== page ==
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Peacemaking Heritage - 10
The election of 1856 presented abolitionists with a new possibility. For the first time in American history, one of the two major parties took a position antagonistic to the “slave power.” The new Republican party, with John C. Fremont as its presidential candidate, was united in opposition to the extension of slavery beyond the states where it presently existed. While this fell far short full abolitionism, it was a strong measure vehemently opposed by the pro-slavery forces.
Abolitionist leader William Lloyd Garrison had staunchly opposed involvement in partisan politics, even voting, because to do so when both parties underwrote slavery would be to weaken the clarity and power of the abolitionists' moral witness. Biographer Henry Mayer writes that though Garrison accorded the Republicans a “measure of respect” in 1856, he still believed that “the allure of the presidential campaign threatened the movement’s identity. Abolitionists should not ‘bow down in the house of Rimmon,’ alluding to the parable (2 Kings 5:18) illustrating the dangers of false worship and conformity with outmoded rituals and reprehensible customs. The first duty of abolitionists, he concluded, was to avoid becoming Republicans” (Henry Mayer, All on Fire: William Lloyd Garrison and the Abolition of Slavery, 456). Mayer writes that Garrison “regarded the abolitionists as a saving remnant who would create the preconditions for reform….By and by, he said with the apostle Paul, ‘the little leaven leavens the whole lump’…[and] this is the way the world is to be redeemed” (457).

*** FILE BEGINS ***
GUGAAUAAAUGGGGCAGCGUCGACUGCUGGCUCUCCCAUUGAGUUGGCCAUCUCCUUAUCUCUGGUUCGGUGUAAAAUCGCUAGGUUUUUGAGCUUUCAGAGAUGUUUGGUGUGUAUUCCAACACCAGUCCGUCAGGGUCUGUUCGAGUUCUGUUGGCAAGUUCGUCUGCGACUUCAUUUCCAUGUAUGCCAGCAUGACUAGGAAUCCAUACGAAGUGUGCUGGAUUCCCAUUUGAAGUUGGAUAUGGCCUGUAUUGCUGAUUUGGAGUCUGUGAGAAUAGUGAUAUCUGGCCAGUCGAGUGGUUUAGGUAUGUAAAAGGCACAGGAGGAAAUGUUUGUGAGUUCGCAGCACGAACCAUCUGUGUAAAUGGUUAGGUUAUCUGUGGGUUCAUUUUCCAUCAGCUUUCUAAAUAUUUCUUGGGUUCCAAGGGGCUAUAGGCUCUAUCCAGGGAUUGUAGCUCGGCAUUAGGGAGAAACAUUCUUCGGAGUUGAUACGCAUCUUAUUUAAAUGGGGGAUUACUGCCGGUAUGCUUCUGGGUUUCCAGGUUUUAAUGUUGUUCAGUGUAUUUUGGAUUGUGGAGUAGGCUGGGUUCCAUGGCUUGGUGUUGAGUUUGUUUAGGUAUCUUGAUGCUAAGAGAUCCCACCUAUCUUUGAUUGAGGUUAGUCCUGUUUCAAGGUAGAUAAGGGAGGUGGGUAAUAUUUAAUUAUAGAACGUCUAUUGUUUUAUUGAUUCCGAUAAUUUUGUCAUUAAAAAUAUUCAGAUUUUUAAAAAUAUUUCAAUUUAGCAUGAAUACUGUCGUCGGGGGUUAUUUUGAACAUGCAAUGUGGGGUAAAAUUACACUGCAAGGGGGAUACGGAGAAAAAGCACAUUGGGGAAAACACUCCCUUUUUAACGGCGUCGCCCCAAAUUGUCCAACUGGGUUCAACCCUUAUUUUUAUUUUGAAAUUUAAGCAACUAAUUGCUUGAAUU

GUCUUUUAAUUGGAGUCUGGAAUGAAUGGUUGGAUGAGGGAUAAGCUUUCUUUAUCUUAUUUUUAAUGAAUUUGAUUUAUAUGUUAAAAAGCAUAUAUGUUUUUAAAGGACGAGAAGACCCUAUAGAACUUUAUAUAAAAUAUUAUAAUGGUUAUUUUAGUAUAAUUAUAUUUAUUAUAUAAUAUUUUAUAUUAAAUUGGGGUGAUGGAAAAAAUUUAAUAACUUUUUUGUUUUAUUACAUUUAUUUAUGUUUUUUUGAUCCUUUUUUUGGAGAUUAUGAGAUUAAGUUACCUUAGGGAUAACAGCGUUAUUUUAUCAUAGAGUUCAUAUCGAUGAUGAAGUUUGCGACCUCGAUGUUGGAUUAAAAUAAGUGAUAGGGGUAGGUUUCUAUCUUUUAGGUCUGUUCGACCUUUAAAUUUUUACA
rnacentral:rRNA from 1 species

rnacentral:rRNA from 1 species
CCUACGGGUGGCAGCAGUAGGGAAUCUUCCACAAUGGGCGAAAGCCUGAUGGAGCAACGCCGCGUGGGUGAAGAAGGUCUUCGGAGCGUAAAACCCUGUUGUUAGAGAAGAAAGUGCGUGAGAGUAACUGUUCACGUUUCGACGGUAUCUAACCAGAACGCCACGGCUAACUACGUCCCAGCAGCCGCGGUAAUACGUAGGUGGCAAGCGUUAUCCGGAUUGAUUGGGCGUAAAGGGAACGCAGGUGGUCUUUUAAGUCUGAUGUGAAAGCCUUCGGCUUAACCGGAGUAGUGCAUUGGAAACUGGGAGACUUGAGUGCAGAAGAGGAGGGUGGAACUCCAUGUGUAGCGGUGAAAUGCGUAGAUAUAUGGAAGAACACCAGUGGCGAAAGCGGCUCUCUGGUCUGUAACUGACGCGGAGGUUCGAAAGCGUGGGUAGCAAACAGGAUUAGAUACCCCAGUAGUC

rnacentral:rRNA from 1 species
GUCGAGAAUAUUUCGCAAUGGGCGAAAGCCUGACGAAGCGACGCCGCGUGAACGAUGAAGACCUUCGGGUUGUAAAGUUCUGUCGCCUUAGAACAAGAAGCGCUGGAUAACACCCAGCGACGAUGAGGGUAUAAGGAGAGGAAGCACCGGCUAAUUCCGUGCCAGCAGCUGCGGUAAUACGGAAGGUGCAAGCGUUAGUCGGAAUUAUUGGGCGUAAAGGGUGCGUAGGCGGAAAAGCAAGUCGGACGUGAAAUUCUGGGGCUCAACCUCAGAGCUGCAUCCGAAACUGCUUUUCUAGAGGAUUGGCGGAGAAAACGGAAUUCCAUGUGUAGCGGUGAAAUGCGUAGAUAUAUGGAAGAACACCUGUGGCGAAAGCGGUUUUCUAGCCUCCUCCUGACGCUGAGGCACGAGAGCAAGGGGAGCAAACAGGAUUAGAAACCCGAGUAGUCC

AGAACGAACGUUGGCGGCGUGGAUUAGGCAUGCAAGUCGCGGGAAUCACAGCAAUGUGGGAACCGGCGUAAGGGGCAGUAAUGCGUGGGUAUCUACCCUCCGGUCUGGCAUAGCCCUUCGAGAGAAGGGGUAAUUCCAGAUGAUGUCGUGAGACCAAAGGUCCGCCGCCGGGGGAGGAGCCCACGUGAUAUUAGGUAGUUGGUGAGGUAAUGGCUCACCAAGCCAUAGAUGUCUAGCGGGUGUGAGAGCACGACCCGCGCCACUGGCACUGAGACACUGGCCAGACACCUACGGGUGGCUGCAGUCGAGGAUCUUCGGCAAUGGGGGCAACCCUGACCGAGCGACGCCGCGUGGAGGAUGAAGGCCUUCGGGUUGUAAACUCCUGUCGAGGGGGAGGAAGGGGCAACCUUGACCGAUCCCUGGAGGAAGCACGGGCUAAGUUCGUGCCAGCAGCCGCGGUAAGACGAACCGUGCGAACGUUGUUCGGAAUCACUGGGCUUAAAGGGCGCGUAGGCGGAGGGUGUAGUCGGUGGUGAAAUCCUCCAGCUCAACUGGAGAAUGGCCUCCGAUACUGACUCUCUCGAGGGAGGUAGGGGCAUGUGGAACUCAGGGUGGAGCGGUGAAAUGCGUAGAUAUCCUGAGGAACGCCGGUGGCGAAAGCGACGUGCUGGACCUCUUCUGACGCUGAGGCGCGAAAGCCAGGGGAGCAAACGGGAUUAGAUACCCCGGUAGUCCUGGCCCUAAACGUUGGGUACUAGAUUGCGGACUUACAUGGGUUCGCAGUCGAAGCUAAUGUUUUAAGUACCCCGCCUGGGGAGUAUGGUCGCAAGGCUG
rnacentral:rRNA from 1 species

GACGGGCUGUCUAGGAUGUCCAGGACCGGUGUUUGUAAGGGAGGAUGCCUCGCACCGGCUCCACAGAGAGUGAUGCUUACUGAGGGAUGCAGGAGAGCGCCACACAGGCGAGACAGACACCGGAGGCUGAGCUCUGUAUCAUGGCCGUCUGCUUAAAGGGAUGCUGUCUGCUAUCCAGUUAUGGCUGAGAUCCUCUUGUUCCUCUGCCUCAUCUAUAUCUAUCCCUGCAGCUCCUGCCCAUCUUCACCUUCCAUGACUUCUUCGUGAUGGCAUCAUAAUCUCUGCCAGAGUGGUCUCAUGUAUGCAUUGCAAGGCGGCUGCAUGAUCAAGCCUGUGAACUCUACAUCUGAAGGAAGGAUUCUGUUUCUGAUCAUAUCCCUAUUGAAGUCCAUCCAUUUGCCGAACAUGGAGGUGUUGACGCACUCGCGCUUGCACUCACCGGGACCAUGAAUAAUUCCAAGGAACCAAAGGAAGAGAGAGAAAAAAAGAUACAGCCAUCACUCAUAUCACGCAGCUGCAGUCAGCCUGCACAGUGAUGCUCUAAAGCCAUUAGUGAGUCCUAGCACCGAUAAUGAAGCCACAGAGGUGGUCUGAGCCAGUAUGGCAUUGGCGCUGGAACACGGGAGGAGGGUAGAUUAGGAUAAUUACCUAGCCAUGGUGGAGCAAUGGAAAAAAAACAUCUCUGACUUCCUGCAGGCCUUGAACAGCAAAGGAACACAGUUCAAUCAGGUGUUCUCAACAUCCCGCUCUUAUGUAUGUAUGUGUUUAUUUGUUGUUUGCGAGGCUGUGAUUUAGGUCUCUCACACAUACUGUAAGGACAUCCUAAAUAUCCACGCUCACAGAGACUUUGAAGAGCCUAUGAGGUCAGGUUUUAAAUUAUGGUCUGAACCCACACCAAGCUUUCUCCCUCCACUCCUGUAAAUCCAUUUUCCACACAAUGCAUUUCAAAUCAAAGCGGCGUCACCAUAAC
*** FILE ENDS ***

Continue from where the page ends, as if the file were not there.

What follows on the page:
This context is useful for helping us understand Uriah Smith’s editorial, “Politics,” in the September 11, 1856 issue of the Advent Review and Sabbath Herald. Smith’s statement that the sabbatarian Adventists would not engage in the political contest because of the inevitability of prophecy fulfillment and destruction of the present order of things, is sometimes cited to show that passivity and disengagement are the defining features of Adventism’s relationship to matters of peace and justice in the public realm. But is that sole or predominant significance of the editorial, particularly in the light of Garrison’s “no politics” stance?